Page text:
Posts Tagged ‘entreprenurial business’
Guys – it is time to ditch the old ‘build a business and sell it for zillions’ goal!
Just as easy credit has passed into history so too have the dreams of becoming instant dot.com millionaires as a result of a few lucky breaks and some unknown buyer waving cheque books.
As most successful entrepreneurs know, it doesn’t really happen like that – unless you are incredibly lucky.
But, it is a common battle cry from entrepreneurs that they want to sell their business for £5m in 3 years time – or some similar sort of goal.
Successful entrepreneurs are constantly asking three key questions –
- ‘what isn’t working’
- ‘why isn’t it working’ and
- ‘can I do anything about it’?
These three questions are the most important questions in the entrepreneurs vocabluary and a lifetime can be spent on developing the skills and abilities to answer those as successfully as possible.
Luke Johnson, a successful entrepreneur, wrote in the FT last week that it is important to fire your existing management team if you want your business to discover reinvention. He says that gradual revolution is not enough and that when systems are broken small steps won’t work.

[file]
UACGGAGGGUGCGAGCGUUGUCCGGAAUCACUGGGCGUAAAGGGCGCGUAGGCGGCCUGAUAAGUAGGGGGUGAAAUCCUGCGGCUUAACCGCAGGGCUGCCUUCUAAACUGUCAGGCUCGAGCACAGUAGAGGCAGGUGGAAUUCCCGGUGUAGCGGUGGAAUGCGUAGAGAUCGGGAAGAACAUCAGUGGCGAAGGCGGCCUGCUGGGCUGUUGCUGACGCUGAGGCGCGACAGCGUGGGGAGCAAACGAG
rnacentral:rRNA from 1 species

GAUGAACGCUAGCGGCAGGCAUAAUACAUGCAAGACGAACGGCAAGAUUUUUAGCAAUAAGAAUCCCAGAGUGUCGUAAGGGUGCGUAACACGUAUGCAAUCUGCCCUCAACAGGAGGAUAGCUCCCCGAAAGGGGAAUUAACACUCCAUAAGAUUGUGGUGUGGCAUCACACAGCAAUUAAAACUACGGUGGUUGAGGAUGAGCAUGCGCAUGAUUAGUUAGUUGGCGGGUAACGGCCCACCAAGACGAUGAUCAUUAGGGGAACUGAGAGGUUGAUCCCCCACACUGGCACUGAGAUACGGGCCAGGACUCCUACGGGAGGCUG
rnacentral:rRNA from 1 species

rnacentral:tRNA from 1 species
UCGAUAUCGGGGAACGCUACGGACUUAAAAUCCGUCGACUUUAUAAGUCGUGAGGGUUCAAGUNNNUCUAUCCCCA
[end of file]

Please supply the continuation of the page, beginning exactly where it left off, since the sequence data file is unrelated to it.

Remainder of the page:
Whole swathes of businesses no longer work the way they used to. Book publishing and local newspapers are at the top of the list, but other business such as estate agencies, state education, financial services are all looking for new ways to do things.
We are not looking at a gradual revolution here – we are looking at business models that no longer work.
What makes an entrepreneur different from a small business man or woman? Well, the best definition of what entrepreneurs do is provided by Peter Drucker. He said
Entrepreneurs innovate. Innovation is the specific instrument of entrepreneurship. It is the act that endows resources with a new capacity to create wealth.
Okay, so what does that mean?
Even The Economist´s Schumpeter column is reporting and marginally supporting the idea of freelancing, especially for interim CEOs who are normally very expensive to get rid of (and most of whom don’t work out). The article points out that the hiring process for CEOs is ‘hopelessly inefficient’ yet ends with the old adage that The most […]
Okay – here is a radical business strategy for entrepreneurs that some of you won’t like – and that is that you should not employ anyone. Please, if you disagree, please don’t switch off but take a moment to think about the argument… you can always respond below…
Work with people on a freelance and contractual basis – yes, absolutely, you simply must. You can even have an office or a factory if you must, but never sign a standard UK or European employment contract.